When the FDA has a major problem with something, it can issue a warning letter or more rarely it can file suit in court for an injunction against the particular party. The FDA has now done both of these things on different fronts with Beverly Hills stem cell clinic doctor and cosmetic surgeon, Dr. Mark Berman.
Berman and his clinic partner, urologist Elliot Lander, run an adipose stem cell firm called California Stem Cell Treatment Center. This clinic seems effectively to also be the HQ of a network of about 100 stem cell clinics called Cell Surgical Network. The FDA described the clinic’s and the network’s adipose cell product as a drug and the agency has not approved its use in patients.
A lengthy FDA warning letter to Berman popped up this week on a different front.
The letter pertains to a breast augmentation-related device meant to deal with a side effect called capsule contracture. The FDA says in the letter that Berman is using this device called the Pocket Protector on patients despite a lack of agency approval. The FDA also has a long list of other more specific issues with the device and practices related to it.
In a press release accompanying the warning letter, FDA Commissioner Dr. Scott Gottlieb used some striking words. Here’s just one sample excerpt from the lengthy PR (emphasis mine):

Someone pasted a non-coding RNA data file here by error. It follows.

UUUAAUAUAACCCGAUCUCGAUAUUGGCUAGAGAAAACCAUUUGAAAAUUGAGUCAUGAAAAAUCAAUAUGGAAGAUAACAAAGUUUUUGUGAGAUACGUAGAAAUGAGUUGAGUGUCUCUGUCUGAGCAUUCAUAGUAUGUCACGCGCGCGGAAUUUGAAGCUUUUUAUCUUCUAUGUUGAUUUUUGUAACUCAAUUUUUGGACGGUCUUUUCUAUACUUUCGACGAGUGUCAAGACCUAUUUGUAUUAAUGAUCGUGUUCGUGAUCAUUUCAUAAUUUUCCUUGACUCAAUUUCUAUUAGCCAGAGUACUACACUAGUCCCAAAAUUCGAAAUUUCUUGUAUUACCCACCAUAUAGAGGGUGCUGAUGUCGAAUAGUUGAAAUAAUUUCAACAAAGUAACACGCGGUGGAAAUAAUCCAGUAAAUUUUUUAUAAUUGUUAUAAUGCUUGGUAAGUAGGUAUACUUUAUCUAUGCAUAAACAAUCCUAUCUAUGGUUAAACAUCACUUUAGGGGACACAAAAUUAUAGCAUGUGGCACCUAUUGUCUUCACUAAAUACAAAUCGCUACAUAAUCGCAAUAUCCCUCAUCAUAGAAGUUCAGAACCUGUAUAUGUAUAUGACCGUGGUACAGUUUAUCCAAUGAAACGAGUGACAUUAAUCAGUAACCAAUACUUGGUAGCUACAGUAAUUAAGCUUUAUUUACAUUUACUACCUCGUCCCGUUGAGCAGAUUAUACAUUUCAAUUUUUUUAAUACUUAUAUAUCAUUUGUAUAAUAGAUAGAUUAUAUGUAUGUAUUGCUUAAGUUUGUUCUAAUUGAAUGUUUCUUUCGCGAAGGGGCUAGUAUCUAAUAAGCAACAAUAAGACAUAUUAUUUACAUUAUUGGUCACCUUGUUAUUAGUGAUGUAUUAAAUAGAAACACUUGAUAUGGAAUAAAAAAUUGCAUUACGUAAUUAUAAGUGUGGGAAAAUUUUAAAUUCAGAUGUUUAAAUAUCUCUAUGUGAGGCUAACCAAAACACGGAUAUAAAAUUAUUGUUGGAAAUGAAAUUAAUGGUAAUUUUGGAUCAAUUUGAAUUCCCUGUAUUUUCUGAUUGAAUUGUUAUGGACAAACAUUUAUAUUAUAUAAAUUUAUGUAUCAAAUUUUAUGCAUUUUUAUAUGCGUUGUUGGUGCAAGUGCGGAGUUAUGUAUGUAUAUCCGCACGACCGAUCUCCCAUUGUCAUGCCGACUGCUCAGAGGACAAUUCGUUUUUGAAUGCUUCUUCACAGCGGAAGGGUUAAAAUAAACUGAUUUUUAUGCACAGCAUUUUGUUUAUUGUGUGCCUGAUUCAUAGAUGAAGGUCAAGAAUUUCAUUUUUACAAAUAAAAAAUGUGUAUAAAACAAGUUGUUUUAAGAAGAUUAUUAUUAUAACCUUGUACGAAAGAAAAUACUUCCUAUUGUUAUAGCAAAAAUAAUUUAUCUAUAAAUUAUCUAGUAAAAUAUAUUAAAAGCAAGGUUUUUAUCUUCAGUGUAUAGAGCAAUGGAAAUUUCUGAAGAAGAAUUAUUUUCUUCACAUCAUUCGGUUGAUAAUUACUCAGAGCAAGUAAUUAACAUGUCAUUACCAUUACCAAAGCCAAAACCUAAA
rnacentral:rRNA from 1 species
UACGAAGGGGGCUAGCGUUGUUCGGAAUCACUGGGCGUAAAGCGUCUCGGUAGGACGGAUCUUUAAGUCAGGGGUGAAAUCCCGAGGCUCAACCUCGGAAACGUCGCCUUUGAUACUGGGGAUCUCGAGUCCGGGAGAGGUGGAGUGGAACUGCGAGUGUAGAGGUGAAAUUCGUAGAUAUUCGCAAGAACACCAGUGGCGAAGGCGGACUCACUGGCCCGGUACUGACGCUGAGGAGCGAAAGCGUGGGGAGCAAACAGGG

“This is not the first time the FDA has notified Dr. Berman concerning his illegal marketing of unapproved medical products and potentially putting his patients at significant risk. Dr. Berman is well aware that the FDA has never approved any product to prevent or treat capsular contracture. By illegally manufacturing and marketing this device, Dr. Berman is taking advantage of patients and exposing them to a broad range of unknown health risks, including not effectively preventing capsular contracture as the product claims or causing additional harm such as infection or adverse reactions with the breast implant. We’ll continue our efforts to protect patients from those individuals who choose to skirt laws intended to keep patients safe and sell unproven and potentially unsafe medical products.”
I asked Dr. Berman for comment on the warning letter and Gottlieb’s statement. Here was his response:
“The FDA comments (written by Dr. Gottlieb or one of his associates on his behalf) are nothing short of libelous. I’ve never taken advantage of a single one of these breast patients. They’ve found me through friends and other doctors after desperately trying to find a way to obtain normal breasts after multiple failed surgeries for capsule contracture. I was the first surgeon in the world to use e-PTFE (i.e. “Gore-Tex” known as one of the safest synthetic implant materials) for plastic surgery patients. Over the years, I figured out how to prevent the recurrence of capsule contracture by lining the breast pocket with e-PTFE and preventing it from contracting around an implant. Over time, I was able to get a .3mm thick sheet of e-PTFE with 40 micron porosity made so there would be tissue in-growth without concentric scar tissue formation, thus preventing scarring of a typical breast pocket around an implant. Since 2003, I’ve treated many women with recalcitrant capsule contractures – many had over 5 operations and some as many as 12. They always got firm again – something well-known to the surgical community.